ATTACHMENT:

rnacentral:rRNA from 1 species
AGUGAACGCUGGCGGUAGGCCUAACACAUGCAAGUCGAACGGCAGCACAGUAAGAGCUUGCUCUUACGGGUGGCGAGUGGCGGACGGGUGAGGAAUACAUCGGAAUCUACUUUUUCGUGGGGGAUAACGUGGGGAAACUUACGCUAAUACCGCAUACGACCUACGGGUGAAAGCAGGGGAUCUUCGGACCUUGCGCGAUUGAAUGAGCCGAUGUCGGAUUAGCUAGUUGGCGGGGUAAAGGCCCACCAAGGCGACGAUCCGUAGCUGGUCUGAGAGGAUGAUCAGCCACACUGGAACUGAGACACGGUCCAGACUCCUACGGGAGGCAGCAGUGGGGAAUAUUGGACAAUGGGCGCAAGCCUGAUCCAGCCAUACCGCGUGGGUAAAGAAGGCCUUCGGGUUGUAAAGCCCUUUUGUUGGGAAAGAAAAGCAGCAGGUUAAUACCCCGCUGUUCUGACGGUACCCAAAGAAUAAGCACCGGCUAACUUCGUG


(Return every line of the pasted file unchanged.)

rnacentral:rRNA from 1 species
AGUGAACGCUGGCGGUAGGCCUAACACAUGCAAGUCGAACGGCAGCACAGUAAGAGCUUGCUCUUACGGGUGGCGAGUGGCGGACGGGUGAGGAAUACAUCGGAAUCUACUUUUUCGUGGGGGAUAACGUGGGGAAACUUACGCUAAUACCGCAUACGACCUACGGGUGAAAGCAGGGGAUCUUCGGACCUUGCGCGAUUGAAUGAGCCGAUGUCGGAUUAGCUAGUUGGCGGGGUAAAGGCCCACCAAGGCGACGAUCCGUAGCUGGUCUGAGAGGAUGAUCAGCCACACUGGAACUGAGACACGGUCCAGACUCCUACGGGAGGCAGCAGUGGGGAAUAUUGGACAAUGGGCGCAAGCCUGAUCCAGCCAUACCGCGUGGGUAAAGAAGGCCUUCGGGUUGUAAAGCCCUUUUGUUGGGAAAGAAAAGCAGCAGGUUAAUACCCCGCUGUUCUGACGGUACCCAAAGAAUAAGCACCGGCUAACUUCGUG